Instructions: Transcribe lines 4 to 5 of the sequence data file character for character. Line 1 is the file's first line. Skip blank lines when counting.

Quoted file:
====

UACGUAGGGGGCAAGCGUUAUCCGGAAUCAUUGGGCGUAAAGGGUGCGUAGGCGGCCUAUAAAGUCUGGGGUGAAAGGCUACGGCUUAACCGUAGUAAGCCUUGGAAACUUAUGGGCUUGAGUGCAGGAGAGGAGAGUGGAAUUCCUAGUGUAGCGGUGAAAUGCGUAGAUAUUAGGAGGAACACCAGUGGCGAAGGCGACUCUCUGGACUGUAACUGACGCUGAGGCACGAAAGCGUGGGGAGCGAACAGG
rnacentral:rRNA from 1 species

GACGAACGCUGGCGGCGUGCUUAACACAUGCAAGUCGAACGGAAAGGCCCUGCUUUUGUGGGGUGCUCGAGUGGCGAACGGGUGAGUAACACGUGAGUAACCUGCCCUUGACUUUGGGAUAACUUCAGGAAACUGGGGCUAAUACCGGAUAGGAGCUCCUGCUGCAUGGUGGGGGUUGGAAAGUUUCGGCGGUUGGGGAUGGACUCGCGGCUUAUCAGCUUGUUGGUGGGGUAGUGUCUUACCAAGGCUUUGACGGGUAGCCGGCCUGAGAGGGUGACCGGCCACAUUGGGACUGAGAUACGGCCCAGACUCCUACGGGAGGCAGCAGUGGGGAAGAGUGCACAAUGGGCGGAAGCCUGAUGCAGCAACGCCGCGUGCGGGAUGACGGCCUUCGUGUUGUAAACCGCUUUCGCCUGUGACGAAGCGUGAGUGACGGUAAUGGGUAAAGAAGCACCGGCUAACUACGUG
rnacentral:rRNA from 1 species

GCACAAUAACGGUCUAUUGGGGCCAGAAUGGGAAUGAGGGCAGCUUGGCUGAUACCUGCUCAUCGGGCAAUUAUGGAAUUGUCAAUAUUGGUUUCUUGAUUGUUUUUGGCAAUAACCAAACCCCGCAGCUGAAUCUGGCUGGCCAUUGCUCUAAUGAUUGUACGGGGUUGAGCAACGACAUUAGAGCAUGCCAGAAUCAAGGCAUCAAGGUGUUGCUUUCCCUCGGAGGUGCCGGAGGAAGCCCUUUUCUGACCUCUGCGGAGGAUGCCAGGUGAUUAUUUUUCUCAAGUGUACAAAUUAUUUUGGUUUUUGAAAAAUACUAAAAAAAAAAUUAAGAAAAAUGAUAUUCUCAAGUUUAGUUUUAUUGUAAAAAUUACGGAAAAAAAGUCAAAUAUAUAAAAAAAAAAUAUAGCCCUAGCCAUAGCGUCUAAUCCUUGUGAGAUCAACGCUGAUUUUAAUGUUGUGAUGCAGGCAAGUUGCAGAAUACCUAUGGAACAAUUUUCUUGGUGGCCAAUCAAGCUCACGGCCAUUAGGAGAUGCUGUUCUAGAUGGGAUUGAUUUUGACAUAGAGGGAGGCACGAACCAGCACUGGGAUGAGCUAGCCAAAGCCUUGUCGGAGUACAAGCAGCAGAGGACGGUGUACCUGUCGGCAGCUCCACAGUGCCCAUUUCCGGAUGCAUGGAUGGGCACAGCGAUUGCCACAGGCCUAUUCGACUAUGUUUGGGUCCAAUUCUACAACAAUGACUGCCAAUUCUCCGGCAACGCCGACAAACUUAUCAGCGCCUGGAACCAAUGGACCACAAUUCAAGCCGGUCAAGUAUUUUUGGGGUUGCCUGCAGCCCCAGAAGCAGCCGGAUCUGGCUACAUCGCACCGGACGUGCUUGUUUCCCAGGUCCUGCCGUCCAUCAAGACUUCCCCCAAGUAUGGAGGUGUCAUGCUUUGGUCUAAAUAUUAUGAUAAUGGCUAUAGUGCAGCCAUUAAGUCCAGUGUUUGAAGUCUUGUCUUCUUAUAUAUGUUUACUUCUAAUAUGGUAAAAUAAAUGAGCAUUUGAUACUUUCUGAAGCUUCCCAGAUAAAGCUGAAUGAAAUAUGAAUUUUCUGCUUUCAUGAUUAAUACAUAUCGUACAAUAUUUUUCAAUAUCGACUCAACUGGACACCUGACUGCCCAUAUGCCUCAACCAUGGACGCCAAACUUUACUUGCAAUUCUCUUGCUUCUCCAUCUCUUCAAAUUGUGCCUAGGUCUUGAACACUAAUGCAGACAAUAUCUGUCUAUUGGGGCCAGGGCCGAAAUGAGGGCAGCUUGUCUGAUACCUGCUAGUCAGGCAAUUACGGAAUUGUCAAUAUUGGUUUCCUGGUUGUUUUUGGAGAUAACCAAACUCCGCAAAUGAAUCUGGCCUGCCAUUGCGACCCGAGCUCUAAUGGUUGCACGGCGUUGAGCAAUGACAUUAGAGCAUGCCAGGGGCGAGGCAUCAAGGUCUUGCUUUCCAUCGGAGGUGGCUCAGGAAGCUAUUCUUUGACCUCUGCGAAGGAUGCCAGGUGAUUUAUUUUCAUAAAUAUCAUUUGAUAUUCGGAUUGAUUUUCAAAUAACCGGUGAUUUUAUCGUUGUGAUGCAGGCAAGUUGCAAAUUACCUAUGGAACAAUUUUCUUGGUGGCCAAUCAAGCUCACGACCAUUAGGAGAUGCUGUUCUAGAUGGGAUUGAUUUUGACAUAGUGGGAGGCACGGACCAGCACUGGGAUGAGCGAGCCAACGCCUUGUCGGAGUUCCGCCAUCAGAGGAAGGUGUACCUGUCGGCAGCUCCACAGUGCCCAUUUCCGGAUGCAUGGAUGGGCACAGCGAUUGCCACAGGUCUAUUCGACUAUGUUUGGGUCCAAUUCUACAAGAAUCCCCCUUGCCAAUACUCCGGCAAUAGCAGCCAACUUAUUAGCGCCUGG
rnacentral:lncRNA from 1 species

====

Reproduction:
rnacentral:rRNA from 1 species

GCACAAUAACGGUCUAUUGGGGCCAGAAUGGGAAUGAGGGCAGCUUGGCUGAUACCUGCUCAUCGGGCAAUUAUGGAAUUGUCAAUAUUGGUUUCUUGAUUGUUUUUGGCAAUAACCAAACCCCGCAGCUGAAUCUGGCUGGCCAUUGCUCUAAUGAUUGUACGGGGUUGAGCAACGACAUUAGAGCAUGCCAGAAUCAAGGCAUCAAGGUGUUGCUUUCCCUCGGAGGUGCCGGAGGAAGCCCUUUUCUGACCUCUGCGGAGGAUGCCAGGUGAUUAUUUUUCUCAAGUGUACAAAUUAUUUUGGUUUUUGAAAAAUACUAAAAAAAAAAUUAAGAAAAAUGAUAUUCUCAAGUUUAGUUUUAUUGUAAAAAUUACGGAAAAAAAGUCAAAUAUAUAAAAAAAAAAUAUAGCCCUAGCCAUAGCGUCUAAUCCUUGUGAGAUCAACGCUGAUUUUAAUGUUGUGAUGCAGGCAAGUUGCAGAAUACCUAUGGAACAAUUUUCUUGGUGGCCAAUCAAGCUCACGGCCAUUAGGAGAUGCUGUUCUAGAUGGGAUUGAUUUUGACAUAGAGGGAGGCACGAACCAGCACUGGGAUGAGCUAGCCAAAGCCUUGUCGGAGUACAAGCAGCAGAGGACGGUGUACCUGUCGGCAGCUCCACAGUGCCCAUUUCCGGAUGCAUGGAUGGGCACAGCGAUUGCCACAGGCCUAUUCGACUAUGUUUGGGUCCAAUUCUACAACAAUGACUGCCAAUUCUCCGGCAACGCCGACAAACUUAUCAGCGCCUGGAACCAAUGGACCACAAUUCAAGCCGGUCAAGUAUUUUUGGGGUUGCCUGCAGCCCCAGAAGCAGCCGGAUCUGGCUACAUCGCACCGGACGUGCUUGUUUCCCAGGUCCUGCCGUCCAUCAAGACUUCCCCCAAGUAUGGAGGUGUCAUGCUUUGGUCUAAAUAUUAUGAUAAUGGCUAUAGUGCAGCCAUUAAGUCCAGUGUUUGAAGUCUUGUCUUCUUAUAUAUGUUUACUUCUAAUAUGGUAAAAUAAAUGAGCAUUUGAUACUUUCUGAAGCUUCCCAGAUAAAGCUGAAUGAAAUAUGAAUUUUCUGCUUUCAUGAUUAAUACAUAUCGUACAAUAUUUUUCAAUAUCGACUCAACUGGACACCUGACUGCCCAUAUGCCUCAACCAUGGACGCCAAACUUUACUUGCAAUUCUCUUGCUUCUCCAUCUCUUCAAAUUGUGCCUAGGUCUUGAACACUAAUGCAGACAAUAUCUGUCUAUUGGGGCCAGGGCCGAAAUGAGGGCAGCUUGUCUGAUACCUGCUAGUCAGGCAAUUACGGAAUUGUCAAUAUUGGUUUCCUGGUUGUUUUUGGAGAUAACCAAACUCCGCAAAUGAAUCUGGCCUGCCAUUGCGACCCGAGCUCUAAUGGUUGCACGGCGUUGAGCAAUGACAUUAGAGCAUGCCAGGGGCGAGGCAUCAAGGUCUUGCUUUCCAUCGGAGGUGGCUCAGGAAGCUAUUCUUUGACCUCUGCGAAGGAUGCCAGGUGAUUUAUUUUCAUAAAUAUCAUUUGAUAUUCGGAUUGAUUUUCAAAUAACCGGUGAUUUUAUCGUUGUGAUGCAGGCAAGUUGCAAAUUACCUAUGGAACAAUUUUCUUGGUGGCCAAUCAAGCUCACGACCAUUAGGAGAUGCUGUUCUAGAUGGGAUUGAUUUUGACAUAGUGGGAGGCACGGACCAGCACUGGGAUGAGCGAGCCAACGCCUUGUCGGAGUUCCGCCAUCAGAGGAAGGUGUACCUGUCGGCAGCUCCACAGUGCCCAUUUCCGGAUGCAUGGAUGGGCACAGCGAUUGCCACAGGUCUAUUCGACUAUGUUUGGGUCCAAUUCUACAAGAAUCCCCCUUGCCAAUACUCCGGCAAUAGCAGCCAACUUAUUAGCGCCUGG